The high price tag of leather bags, be it a Chanel 2.55 or a Hermès Birkin, does not exempt it from dirt or smudge. Leather bags may be sturdier but they are not invincible, and it’s important you learn to care for your priced possession. Here’s how you can condition and clean your leather bags.
The cliched adage “prevention is better than cure” will also not have your eyes rolling when your conditioned bag can laugh off a stubborn stain. Proper maintenance of a leather bag will do more wonders for its longevity than rushing off to a professional bag restorer. Unless you already have a custom-built wardrobe with the optimum temperature and humidity to store (and display) your collection of arm candy, you might find this guide on caring for leather bags handy.
Understanding the different types of leather
Knowing the type of leather used to craft your bag is one of the most important steps. There are your grades of leather including full-grain, top-grain, faux, and suede. Then there are your types of leather like calfskin, lambskin, and exotics like crocodile skin. Other brands have their own specialty leather like the Saffiano made uniquely by Prada. This guide will primarily focus on full grain genuine leather.
Treating your bag right
Regular care and maintenance should be performed on your leather bags from the moment you take it out of its box.
First step: Clean the bag
Put away the baby wipes and wet tissue – leather bags should not be cleaned with water. It could create additional stains if it dries and settles on the surface, leading to more problems. You need to invest in a quality leather cleaner.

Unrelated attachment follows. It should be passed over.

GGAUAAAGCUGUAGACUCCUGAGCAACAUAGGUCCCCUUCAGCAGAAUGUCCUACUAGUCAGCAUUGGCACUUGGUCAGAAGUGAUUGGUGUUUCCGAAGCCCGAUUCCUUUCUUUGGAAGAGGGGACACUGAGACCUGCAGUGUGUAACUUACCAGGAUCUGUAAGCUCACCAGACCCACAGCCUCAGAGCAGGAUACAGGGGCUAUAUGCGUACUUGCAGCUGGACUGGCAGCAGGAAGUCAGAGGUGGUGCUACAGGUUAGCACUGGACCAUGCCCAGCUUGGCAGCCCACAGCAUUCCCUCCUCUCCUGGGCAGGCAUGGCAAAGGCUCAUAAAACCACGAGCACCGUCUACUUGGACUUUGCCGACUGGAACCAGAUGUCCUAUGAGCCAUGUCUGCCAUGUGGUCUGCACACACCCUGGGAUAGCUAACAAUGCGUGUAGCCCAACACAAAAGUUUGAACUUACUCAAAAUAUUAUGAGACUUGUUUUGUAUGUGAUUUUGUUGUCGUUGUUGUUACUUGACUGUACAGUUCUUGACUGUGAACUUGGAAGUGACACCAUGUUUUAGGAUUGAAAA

Coach’s leather cleaner isn’t limited exclusively to just Coach bags and can work wonders. Another brand-neutral cleaner is the Cadillac Select Premium Leather Cleaner that’s designed to remove dirt, sweat, and salt stains. But, before you hurriedly apply the solution to the stain, you should do a spot test on an inconspicuous area of the bag, just in case things go south.
You will also need a soft cleaning cloth along with the cleaner. Gently apply the cleaner onto the stain in a circular motion before wiping it off with another damp cloth. For Saffiano leather, a leather-cleaning brush is advised instead rather than a cloth to really get into the grooves of the grain pattern.
Second step: condition your bag
Like how you moisturise your skin every night, your leather bag needs to be moisturised and conditioned too. Without a good conditioner, the material might dry out over time and crack. The conditioner would also have repellent properties to mitigate any chances of stains on your bags. The Protect and Preserve from Guardsman is one of our recommendations that can also be used for your other leather products.
Ideally, you should clean and condition your bags twice a year, with your favourite pieces receiving more occasional maintenance than the others (once a month for your daily drivers is a good number).
Storing your bags
If you have custom-built transparent shelves for your bags, move along, you already know where and how to store your bags. For the rest of us without an envy-inducing wardrobe, our best option would be in the original dust bag near the middle shelves.
Keeping our leather bags in a sheer dust bag when they’re not in use shelters them from most of the natural elements that can harm them. Sun is no friend to leather (unless you want a beautiful patina, but that’s another conversation). You would also want to fill them up with bubble wrap or parchment paper so they can maintain a regular shape. Tip: Do not use newspaper to shape your precious designer bags, as the ink might transfer over and you wouldn’t want that.
Living in the tropics also requires a bit more care than usual. We recommend storing your bags around the middle to lower parts of your closet, as the top is warmer which can dry out the leather quicker. You would also want to get some dehumidifiers or silica gel packets to prevent any moisture from accumulating on the bags.
This story first appeared on Lifestyle Asia Singapore.